Breezy Summer Fare


For almost 20 years, a rustic mall just below the crest of Beverly Glen was home to Adriano’s, one of the city’s most beloved Italian restaurants. Recently, though, Adriano’s closed its doors. Bad news for diners, because (among other reasons) the Glen is such a cool and pleasant place to dine in summer.

But as if by magic, the postage-stamp-size Terrazza of Bel-Air appeared almost immediately just a few doors down from the old Adriano’s. This new restaurant is truly an addition to the neighborhood and much more affordable than Adriano’s.

I can’t emphasize enough how tiny this place is. In the dining room, there are only half a dozen tables--draped with white tablecloths and set with flowers--and very little elbow room.

And there are precisely 11 more tables on the terrazza, a more casual, less private and far less quiet setting than the dining room. If you sit out there, you get to enjoy a view of the cypress trees that edge the mall, not to mention the cool breezes. The trade-off is that you have to endure people squeezing by your table to shop at Beverly Glen Market or grab a pizza at nearby Santo Pietro.


Wherever you sit, the food is exceptional. Chef-owner Michael Lotterstein, who’s only 27, is a talented Culinary Institute of America graduate who most recently worked with Dean James Max at Woodside in Brentwood. The restaurant’s business card has “Ristorante Italiano” printed on it, but that could be misleading. Lotterstein’s cooking, to my mind, is as much California cuisine as anything.

Take his chopped vegetable salad, one of the most colorful and delicious salads I have ever tasted. The dish description mentions sweet corn, red onions, carrots, radicchio, celery, garbanzos, white beans and a honey balsamic dressing. What it doesn’t tell you is how fresh and crisp all the vegetables taste, how beautifully vivid the colors are or how perfectly the chef’s sweet-tart dressing complements everything.

There is a wonderful arugula salad made with red onions, roasted red beets, toasted pine nuts and tiny clumps of goat cheese. The sun-dried tomato and goat cheese bruschetta may sound a bit precious, but the grilled peasant bread is perfectly toasted and the cheese and tomatoes are in nice proportion to one another.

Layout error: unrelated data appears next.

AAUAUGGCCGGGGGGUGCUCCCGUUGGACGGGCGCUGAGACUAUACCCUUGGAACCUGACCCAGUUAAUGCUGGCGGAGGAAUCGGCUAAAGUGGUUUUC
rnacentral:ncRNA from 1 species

The chef also makes a different risotto every day, which may be ordered either as an entree or in a half-portion for an appetizer. His spinach and garlic risotto is as simple and satisfying a rice dish as I’ve had this year.


Lotterstein doesn’t use fresh pasta, but he understands how to get the best out of the dried kind and his sauces are very, very flavorful. Rigatoni alla Toscana is the name he’s chosen for a dish that seems more southern Italian than Tuscan because of a meaty tomato sauce full of spicy Italian sausage. Anyway, it’s great.

The penne al salmone affumicato is a tasty, unforgivingly creamy mixture of smoked salmon, asparagus and red onions in white wine cream sauce. The chef sauces the wide, ribbon-shaped noodles called pappardelle with a blend of pesto, tomato and Parmesan cheese. It, too, is quite pleasing.

The entrees, believe it or not, are even better than the pastas. One night there was a special of whitefish on a bed of spinach, atop a bed of yellow lentils and crushed tomatoes. The fish was wonderfully moist, and the spinach barrier allowed the outside to stay crisp.

Pollo al mattone is adroitly grilled chicken, served with garlicky spinach and roasted diced potatoes. The best entree might be bistecca all’aglio e rosmarino. There are halved cloves of garlic hiding under the meltingly tender steak slices. The bath of olive oil, garlic and rosemary accentuated the meaty flavors.


Lotterstein does all the cooking, which leaves him time for only a few desserts. Look for his chocolate chip peanut butter bread with cinnamon whipped cream, or a perfect chocolate walnut brownie, served warm with cappuccino ice cream. He also makes a fine tiramisu, perhaps in homage to the glory days of Adriano’s.


Terrazza of Bel-Air, 2960 Beverly Glen Circle, Bel-Air. 11:30 a.m.-10 p.m. Monday-Thursday, 11:30 a.m.-11 p.m. Friday-Saturday, 10:30 a.m.-10 p.m. Sunday. Parking in lot. Beer and wine only. All major cards. Dinner for two, $32-$48. Call (310) 475-7404.